Doctors rather than politicians should run the NHS as the political parties only set targets and make promises to win votes instead of what is in patients' best interests, a survey has found. Three quarters of people believe the main political parties design health policy in order to win votes rather than what is in the best interests of the NHS or patients, it was found.
The survey of almost 2,000 people was commissioned by the British Medical Association (BMA) and released on the opening day of its annual conference in Harrogate. With just under a year until the next General Election, the BMA is calling for all political parties to put patient care over winning votes. The poll found that the majority of the public believe that it is doctors, rather than politicians or NHS managers, who should have the most involvement in the decisions about the day to day running of the NHS.
The Ipsos MORI new survey found two thirds of the public are in favour of doctors having a greater say in how the NHS is run.
Almost half thought that politicians should have low or no involvement in how the NHS is run and one in three agree that Parliament should set overall targets for the NHS. The day to day running of the NHS is now governed by NHS England, which is supposed to be separate from Parliament and the Department of Health but doctors say that even this is being manipulated for political gain.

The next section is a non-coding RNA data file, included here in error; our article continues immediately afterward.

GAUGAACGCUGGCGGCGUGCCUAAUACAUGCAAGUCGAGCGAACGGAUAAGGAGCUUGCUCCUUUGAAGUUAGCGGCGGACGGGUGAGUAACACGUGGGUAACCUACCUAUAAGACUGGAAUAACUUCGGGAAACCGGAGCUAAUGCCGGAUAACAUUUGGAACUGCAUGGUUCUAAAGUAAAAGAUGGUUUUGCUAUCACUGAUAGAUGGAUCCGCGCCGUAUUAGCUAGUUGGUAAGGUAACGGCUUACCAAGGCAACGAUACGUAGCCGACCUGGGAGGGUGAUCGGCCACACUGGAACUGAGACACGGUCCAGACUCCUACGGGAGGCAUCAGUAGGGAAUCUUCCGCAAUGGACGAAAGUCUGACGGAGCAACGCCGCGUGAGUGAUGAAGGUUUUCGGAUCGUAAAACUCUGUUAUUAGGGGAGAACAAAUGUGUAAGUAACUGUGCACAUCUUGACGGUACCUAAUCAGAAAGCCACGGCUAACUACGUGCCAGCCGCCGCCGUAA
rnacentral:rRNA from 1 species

Dr Mark Porter, chairman of BMA Council, said: “The NHS remains one of the most politicised public services in the UK. Whether it is the targets forced on doctors, GP appointments that are more about box-ticking than clinical care, or short term, headline grabbing policy initiatives – all of these are being done for political expediency and to win votes. As a result, patient care is taking a back seat to scoring points over the dispatch box.
“Doctors want to see politics taken out of the NHS once and for all. It is clear that the public feel the same way. Yes, politicians should be accountable for the running of the NHS, but when it comes to decisions on patient care it is time to allow doctors to do what they do best – lead the delivery of high quality patient care.”
Health Minister Dr Dan Poulter said: "Our reforms cut unnecessary red tape and gave doctors and nurses, who know their patients best, the power and freedom to make decisions in the best interests of their local community."
Source: The Telegraph